As we have noted, the method of nominating presidential candidates by means of popular conventions was fully established in 1840, and has continued uninterruptedly ever since. One peculiar feature marked the Harrison campaign of 1840. The convention which nominated Martin Van Buren met in Baltimore in May of that year. On the same day, the young Whigs of the country held a mass meeting in Baltimore, at which fully twenty thousand persons were present. They came from every part of the Union, Massachusetts sending fully a thousand. When the adjournment took place, it was to meet again in Washington at the inauguration of Harrison. The railway was then coming into general use, and this greatly favored the meeting of mass conventions.
“Rough and Ready” 
The Democrats swung back to power in 1844, when James K. Polk defeated Henry Clay, nominated for the third time. During his administration occurred the war with Mexico, of which General Zachary Taylor was the popular hero. His bluff manner won for him the title of “Rough and Ready.” He was a patriot, well informed and well educated, though he took so little interest in politics that he had not cast a vote for forty years. He had no special yearning for an election to the Presidency, but what man can refuse the honor when it comes to him? He chose an able Cabinet, and would have made an excellent record but for his untimely death during the second year of his term. His nomination and election were attended by no very noteworthy features.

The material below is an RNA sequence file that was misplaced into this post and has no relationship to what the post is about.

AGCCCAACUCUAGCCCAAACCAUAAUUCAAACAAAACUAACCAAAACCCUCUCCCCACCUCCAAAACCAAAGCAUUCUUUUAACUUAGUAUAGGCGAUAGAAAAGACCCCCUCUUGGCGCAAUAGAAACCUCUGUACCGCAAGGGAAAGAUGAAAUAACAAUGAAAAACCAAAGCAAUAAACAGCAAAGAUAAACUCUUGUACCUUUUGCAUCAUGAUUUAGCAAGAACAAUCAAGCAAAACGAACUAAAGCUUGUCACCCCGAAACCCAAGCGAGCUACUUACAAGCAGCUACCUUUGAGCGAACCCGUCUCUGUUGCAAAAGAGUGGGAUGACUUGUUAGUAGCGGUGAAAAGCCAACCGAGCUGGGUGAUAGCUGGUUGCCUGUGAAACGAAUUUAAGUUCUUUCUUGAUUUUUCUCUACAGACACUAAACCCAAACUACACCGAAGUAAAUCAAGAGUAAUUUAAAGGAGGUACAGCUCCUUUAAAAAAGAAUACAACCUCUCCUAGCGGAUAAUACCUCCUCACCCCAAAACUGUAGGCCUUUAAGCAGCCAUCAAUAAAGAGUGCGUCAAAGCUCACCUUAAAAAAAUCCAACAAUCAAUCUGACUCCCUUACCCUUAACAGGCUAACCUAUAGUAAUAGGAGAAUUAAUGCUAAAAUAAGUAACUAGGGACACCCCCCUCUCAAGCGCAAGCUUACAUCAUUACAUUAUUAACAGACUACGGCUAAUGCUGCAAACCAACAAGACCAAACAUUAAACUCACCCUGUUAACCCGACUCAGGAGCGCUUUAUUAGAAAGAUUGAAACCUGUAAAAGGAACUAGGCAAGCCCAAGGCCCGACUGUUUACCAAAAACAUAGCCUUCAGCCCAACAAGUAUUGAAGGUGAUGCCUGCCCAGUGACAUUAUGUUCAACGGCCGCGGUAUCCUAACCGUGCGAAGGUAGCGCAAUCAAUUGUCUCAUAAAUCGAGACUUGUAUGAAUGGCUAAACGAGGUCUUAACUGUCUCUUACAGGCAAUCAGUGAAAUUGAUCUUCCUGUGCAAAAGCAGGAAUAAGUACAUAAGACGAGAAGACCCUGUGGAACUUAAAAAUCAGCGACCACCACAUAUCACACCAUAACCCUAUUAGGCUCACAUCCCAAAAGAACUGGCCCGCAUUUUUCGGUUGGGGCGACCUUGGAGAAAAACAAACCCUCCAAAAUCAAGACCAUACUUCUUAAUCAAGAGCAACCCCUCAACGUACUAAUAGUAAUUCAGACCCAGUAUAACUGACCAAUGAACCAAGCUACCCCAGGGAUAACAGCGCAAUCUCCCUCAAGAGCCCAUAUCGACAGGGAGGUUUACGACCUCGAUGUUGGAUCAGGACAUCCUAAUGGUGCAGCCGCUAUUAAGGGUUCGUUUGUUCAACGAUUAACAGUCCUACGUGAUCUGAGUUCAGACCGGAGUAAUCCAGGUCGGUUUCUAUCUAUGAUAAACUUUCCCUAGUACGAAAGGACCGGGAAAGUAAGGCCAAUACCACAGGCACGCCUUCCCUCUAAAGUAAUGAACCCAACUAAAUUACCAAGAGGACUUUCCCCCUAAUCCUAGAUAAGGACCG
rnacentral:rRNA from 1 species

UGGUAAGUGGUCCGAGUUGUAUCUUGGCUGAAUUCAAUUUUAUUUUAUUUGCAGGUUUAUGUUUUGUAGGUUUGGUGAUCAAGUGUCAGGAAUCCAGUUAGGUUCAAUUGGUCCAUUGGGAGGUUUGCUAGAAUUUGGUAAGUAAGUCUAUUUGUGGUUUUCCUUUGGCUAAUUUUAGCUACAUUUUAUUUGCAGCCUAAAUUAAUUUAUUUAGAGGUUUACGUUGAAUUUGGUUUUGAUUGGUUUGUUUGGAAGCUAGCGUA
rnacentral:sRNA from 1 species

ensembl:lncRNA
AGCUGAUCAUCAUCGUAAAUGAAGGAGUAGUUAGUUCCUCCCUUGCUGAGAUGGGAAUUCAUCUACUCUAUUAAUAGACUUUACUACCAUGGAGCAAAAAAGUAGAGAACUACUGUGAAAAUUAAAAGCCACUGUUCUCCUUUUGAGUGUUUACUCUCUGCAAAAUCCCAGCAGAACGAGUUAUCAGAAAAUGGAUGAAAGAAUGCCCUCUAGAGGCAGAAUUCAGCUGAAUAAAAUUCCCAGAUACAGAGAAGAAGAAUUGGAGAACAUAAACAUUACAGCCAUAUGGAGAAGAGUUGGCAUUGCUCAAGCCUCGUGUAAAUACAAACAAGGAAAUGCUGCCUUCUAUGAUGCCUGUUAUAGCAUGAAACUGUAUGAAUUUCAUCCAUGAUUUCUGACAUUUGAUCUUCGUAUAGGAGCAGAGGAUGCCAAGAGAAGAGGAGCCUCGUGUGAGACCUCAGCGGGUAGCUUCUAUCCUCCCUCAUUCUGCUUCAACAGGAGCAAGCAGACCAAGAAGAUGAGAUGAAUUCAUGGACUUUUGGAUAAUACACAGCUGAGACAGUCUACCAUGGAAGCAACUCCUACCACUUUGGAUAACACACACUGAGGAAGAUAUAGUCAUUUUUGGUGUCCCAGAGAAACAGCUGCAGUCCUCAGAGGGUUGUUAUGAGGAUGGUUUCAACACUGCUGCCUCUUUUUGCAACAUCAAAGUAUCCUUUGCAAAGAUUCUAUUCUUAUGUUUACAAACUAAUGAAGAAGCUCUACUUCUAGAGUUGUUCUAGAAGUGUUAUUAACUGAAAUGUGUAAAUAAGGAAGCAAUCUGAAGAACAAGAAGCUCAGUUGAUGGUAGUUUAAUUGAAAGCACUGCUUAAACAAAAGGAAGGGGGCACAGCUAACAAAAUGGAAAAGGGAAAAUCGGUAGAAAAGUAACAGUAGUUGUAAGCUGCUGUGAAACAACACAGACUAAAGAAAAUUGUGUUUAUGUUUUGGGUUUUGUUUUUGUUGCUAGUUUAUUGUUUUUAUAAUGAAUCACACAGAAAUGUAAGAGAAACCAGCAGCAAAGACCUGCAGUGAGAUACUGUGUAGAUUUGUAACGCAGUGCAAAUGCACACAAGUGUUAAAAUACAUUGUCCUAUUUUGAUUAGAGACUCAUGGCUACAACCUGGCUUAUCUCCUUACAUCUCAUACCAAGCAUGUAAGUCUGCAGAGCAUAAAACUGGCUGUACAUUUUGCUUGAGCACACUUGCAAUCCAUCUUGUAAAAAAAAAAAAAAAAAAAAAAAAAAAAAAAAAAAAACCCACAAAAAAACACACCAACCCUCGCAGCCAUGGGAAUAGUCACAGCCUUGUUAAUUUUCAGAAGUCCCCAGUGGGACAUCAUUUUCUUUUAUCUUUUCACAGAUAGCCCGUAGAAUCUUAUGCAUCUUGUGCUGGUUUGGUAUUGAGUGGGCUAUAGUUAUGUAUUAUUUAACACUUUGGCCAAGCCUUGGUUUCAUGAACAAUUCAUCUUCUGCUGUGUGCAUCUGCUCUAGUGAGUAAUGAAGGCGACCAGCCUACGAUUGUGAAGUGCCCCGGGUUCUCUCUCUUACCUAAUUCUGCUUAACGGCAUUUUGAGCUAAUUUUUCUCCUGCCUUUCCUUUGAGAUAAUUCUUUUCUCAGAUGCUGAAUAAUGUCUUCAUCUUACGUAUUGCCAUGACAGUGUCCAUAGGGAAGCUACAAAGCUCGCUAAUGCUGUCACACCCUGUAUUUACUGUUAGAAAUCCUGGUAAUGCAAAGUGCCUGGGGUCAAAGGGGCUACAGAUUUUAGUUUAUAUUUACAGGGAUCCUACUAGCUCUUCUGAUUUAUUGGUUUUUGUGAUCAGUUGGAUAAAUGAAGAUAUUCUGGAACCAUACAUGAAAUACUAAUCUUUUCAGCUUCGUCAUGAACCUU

Democratic Convention in Baltimore, 1852 
When the time came for other presidential nominations, the Democratic convention met in Baltimore, June 12, 1852. The most prominent candidates were James Buchanan, Stephen A. Douglas, Lewis Cass, and William L. Marcy. Ballot after ballot was taken without any one of these men developing sufficient strength to bring success. On the thirty-sixth ballot, the Virginia delegation presented the name of Franklin Pierce of New Hampshire. Many members of the convention had never heard of him, and the public at large were no better informed, but on the forty-ninth ballot he received 282 votes to 11 for all the others.
“Old Fuss and Feathers” 
Pierce's opponent was General Winfield Scott, the commander-in-chief of the Mexican war, and under whom Pierce served. Scott was not popular either in the North or South. He was a martinet, overbearing in his manner and with no power to make friends. It seemed presumptuous to him for any one to think of opposing his nomination or election to the Presidency. During the campaign, the war with Mexico was fought over again, times without number, and every incident of the old soldier's life was lauded to the skies, until it seemed that no greater hero or military genius had ever lived.
But November told an astounding story. The only States carried by Scott were Massachusetts, Vermont, Kentucky and Tennessee, with their 42 electoral votes; while all the rest, comprehending 254 votes, went to Pierce. If “Old Fuss and Feathers” ever met his Waterloo, it was when he confronted one of his brigadier-generals at the polls.
A Tragic Period